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Mission Matters Insights

Yet More Lease Accounting

July 24, 2012

Service providers with multiple lease locations- watch out. FASB and IASB propose major reporting changes.

Once upon a time everyone thought they could tell the difference between renting something and owning something. Being able to tell the difference was important to accountants because the things you owned were on your balance sheet as assets and the things you were renting were not. And, if you borrowed money to purchase the things you owned, that liability for the loan was also on your balance sheet.

In the late 1960’s and early 1970’s people began to get creative with something called leases – long-term rental agreements. Soon the leasing people were developing agreements that, although called a Lease, were actually a long-term sales agreement with financing. This prompted the accounting rule making body (the Accounting Principles Board) to promulgate rules for distinguishing a lease from a purchase and recording it accordingly. This became a task more complex than anyone imagined. At one time, more than 50% of the literature devoted to defining generally accepted accounting principles was devoted to lease accounting rules and regulations.

Now, 40 years later, the Financial Accounting Standards Board (FASB) and the International Accounting Standards Board (IASB) are at it again. Under the proposed changes, all leases would be treated as capital leases resulting in an asset and a liability appearing on the balance sheet reflecting the economic reality of the transaction.

Existing and new leases will be capitalized based upon the present value of the estimated net lease payments over the expected lease term, discounted at the lessee’s incremental borrowing rate. The capitalized value will include base rent, net of operating expenses, for the longest term of the lease that is more likely than not to occur, with consideration of renewal periods and termination rights, and the expected value of contingent rent and other payment amounts over the same period. As you can imagine, these calculations will be daunting and cumbersome as organizations must capture new date points and capitalize obligations based on internal evaluation of occupancy practices and the use of property. The terminology that will be used on the balance sheet to describe the capitalized value of the asset will be a “Right-to-Use” asset, amortized over the lease term in a manner that reflects the pattern of economic benefits (usually straight-line).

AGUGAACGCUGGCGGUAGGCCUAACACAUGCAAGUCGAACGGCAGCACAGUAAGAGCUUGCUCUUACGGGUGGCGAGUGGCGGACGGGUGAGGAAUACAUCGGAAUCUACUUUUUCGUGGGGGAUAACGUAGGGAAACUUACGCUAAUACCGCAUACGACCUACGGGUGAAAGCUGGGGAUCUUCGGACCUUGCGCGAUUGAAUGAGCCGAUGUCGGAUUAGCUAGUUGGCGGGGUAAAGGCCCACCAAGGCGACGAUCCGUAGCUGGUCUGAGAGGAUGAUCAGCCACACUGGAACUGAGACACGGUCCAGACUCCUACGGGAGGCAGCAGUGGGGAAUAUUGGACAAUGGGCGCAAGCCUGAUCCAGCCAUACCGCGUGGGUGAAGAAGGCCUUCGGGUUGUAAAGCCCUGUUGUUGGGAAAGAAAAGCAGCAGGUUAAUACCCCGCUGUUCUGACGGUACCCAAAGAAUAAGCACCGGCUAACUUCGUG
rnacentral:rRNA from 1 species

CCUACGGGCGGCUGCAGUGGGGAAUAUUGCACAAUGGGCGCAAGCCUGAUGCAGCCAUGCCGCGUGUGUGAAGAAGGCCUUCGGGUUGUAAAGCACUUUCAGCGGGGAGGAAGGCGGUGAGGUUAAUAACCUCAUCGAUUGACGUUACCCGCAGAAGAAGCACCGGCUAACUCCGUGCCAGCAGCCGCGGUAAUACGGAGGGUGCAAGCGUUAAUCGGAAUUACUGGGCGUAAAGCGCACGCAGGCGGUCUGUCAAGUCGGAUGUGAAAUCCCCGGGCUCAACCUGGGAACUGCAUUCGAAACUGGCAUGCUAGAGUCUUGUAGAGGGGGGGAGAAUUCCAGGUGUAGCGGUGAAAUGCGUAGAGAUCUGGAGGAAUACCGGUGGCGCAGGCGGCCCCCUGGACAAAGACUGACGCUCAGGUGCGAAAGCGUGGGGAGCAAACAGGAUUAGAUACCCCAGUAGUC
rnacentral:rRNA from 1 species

Since new assets and liabilities will begin appearing on the balance sheet the potential for these new figures impacting ratios that measure the effective use of capital and indebtedness is of a concern to many businesses – not-for-profit organizations included. With few exceptions, return on assets and return on investment will decrease, and debt-to-equity ratios will increase, in some cases, exponentially.

For service providers that lease multiple locations, the impact could be huge. Long-term debt will increase overnight when this proposal goes into effect. In addition, placing the full lease obligation on the balance sheet will produce a negative impact on the results of operations. In most cases, the “right of use expense” will be greater than the old lease expense in the early years as one depreciates the asset and records the interest implicit in the payment agreement.

The proposed Accounting Standard Update does not apply to short-term leases, defined as leases having maximum possible terms (including renewal options) of 12 months or less.

Originally, it was believed that these new rules and regulations would be issued by now and be effective on January 1, 2013. That is now thought to be impossible with a January 1, 2015 date looking like the target implementation date right now.

What can you do now?

  • Take a look at your existing credit arrangements and the loan covenants that specify meeting certain ratios and begin to discuss with your lender(s) the need to modify those covenants when the new leasing principles go into effect. For new loans, be sure that you and your lender agree on the need to modify the loan covenants when the rules change.
  • Related Party Leases - Are you one of those entities considered the primary beneficiary of a variable interest entity (your typical operating company owned by the same individual(s) as the members of the LLC that own the property leased by the company) that have chosen to take a GAAP departure rather than consolidate the LLC (the variable interest entity). Under the soon to be new rules explained above, the operating company would have to capitalize its lease of the operating facility with the LLC. It may be less onerous to rather consolidate the LLC, as the lease with the LLC is eliminated through the consolidation process, as opposed to going through the process of capitalizing the lease.

What do you think of the new leasing rules?

Questions? Confused? Give us a call.

As one of the largest CPA firms in Boston, KLR is unique because they service over 220 not-for-profit organizations with compliance and consulting services. We have extensive experience helping Nonprofit organizations regarding boards, and board responsibilities, charitable contributions, taxes and 990 filing requirements.

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